In this article, I’ll start by explaining what lisinopril is, how it works, and how fast it works to lower blood pressure. I’ll then list some of the medication’s potential side effects. I’ll tell you who can take lisinopril—and who can’t.
I’ll provide some warnings for this medication, and tell you when you should talk to a doctor or primary care provider about your blood pressure or your medication.
What Is Lisinopril and What Does It Do?
Angiotensin II is a hormone produced in your body that narrows the arteries. When your arteries become more narrow, your blood pressure increases—just as water will flow with more pressure through a narrower pipe than it does through a wider one.
Lisinopril is a type of blood pressure medication called an angiotensin-converting enzyme inhibitor, or ACE inhibitor. These medications help the body produce less angiotensin II.
By blocking angiotensin II, blood pressure levels decrease as blood vessels dilate, improving blood flow, and more fluids are released.Lisinopril is sold under the brand name Zestril.
It is mostly used for hypertension, but it may also be prescribed for managing heart failure, heart attack prevention, stroke prevention, and complications associated with diabetic kidney disease.
How to take it
Lisinopril may be prescribed as a tablet or a liquid. It is commonly taken once daily and is best taken at the same time each day. Your prescription insert will contain instructions on how to take it. Read it thoroughly.
Lisinopril dosages can range from 5-40 mg, depending on the reason it is prescribed. The most common dosage is between 10-40 mg per day. Your health care provider may start you on a low dose and adjust it upward as needed.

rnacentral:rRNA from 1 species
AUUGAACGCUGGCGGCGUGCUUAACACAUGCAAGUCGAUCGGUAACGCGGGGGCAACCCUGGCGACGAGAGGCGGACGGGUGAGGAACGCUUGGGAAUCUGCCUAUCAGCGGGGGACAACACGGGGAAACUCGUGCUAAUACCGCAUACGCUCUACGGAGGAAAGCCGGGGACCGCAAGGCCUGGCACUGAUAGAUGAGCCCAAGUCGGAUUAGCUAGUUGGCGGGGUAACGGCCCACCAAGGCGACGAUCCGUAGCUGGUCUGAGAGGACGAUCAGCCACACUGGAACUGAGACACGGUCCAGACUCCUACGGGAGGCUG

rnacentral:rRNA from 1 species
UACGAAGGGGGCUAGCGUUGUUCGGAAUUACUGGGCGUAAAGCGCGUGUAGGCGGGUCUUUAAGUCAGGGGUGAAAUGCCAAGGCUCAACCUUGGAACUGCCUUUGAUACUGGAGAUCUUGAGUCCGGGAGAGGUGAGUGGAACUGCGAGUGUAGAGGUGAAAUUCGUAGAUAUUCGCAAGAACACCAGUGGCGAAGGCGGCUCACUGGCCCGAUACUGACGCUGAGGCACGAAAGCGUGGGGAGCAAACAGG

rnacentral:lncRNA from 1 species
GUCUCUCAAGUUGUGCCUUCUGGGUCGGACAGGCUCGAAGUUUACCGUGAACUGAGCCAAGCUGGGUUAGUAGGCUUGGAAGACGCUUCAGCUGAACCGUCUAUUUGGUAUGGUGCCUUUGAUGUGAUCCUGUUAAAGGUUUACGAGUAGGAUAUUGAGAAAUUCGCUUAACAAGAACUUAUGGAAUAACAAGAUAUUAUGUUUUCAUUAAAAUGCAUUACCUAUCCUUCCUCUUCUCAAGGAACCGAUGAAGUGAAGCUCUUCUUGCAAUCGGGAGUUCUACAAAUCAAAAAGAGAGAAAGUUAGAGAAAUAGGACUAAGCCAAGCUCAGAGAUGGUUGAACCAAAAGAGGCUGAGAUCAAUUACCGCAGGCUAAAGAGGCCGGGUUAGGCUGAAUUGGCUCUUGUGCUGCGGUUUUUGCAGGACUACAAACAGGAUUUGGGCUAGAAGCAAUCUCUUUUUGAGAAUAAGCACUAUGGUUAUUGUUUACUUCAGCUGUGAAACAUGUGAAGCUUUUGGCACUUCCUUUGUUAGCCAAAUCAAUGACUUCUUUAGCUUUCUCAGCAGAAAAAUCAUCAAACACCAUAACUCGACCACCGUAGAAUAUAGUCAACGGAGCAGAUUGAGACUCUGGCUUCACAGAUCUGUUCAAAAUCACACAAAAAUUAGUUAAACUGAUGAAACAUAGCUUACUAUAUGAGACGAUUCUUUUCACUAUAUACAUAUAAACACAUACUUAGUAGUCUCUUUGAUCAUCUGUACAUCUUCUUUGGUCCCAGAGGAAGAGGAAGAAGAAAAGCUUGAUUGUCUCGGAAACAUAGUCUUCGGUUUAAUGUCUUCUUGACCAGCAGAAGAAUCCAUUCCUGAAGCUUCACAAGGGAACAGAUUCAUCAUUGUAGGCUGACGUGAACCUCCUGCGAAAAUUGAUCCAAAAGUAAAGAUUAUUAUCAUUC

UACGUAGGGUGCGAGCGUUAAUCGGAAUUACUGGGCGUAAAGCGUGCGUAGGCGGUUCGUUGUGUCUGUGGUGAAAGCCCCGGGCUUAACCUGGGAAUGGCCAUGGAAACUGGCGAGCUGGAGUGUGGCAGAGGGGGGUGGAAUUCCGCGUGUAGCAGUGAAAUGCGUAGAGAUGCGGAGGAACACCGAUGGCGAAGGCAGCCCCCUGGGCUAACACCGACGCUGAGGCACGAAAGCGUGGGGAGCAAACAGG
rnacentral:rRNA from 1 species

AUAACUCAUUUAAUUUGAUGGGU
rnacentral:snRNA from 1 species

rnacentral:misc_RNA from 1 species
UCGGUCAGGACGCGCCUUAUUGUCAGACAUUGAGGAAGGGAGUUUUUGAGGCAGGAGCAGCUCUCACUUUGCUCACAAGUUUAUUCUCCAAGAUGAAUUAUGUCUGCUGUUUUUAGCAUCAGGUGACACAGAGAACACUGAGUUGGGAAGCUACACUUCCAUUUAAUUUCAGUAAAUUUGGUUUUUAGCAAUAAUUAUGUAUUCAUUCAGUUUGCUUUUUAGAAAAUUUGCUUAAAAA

If your lisinopril prescription is in liquid form, use the syringe that came with your medication to ensure accurate measurement. Do not use a spoon or a measuring device that is not meant for your medication.
Lisinopril may not make you feel differently when you start taking it, but that does not mean it isn’t working. High blood pressure does not typically cause symptoms, so treating it likely will not change how you generally feel.
Your provider will closely monitor your blood pressure as you adjust to taking lisinopril. This will ensure that you are receiving the right dosage and that your blood pressure is responding to treatment.
When to take it
A common side effect of starting lisinopril is dizziness. Your provider may recommend taking your first dose before bed, but once your body is used to it, it can be taken at any time of day.
Take your dose at the same time each day so that you remember to take it as part of your daily routine.If you miss a dose of lisinopril, do not take a double dose. Take it as soon as you remember and resume your normal, once-daily dose.
Does Lisinopril Lower Blood Pressure Quickly?
Lisinopril can start to lower blood pressure within an hour, and reaches peak effectiveness within 6 hours of taking your first dose. If your dose is 20 mg or higher, the effects are likely to be more noticeable. It may take 2-4 weeks for overall blood pressure levels to stabilize into the optimal range.
Potential Side Effects
Fewer than 6% of people needed to change medications due to side effects with lisonipril, according to clinical trial research.
Some common side effects include:
If you experience dizziness that lingers consistently after your first dose, let your provider know. The dry cough that lisinopril causes is not treatable with cough suppressants.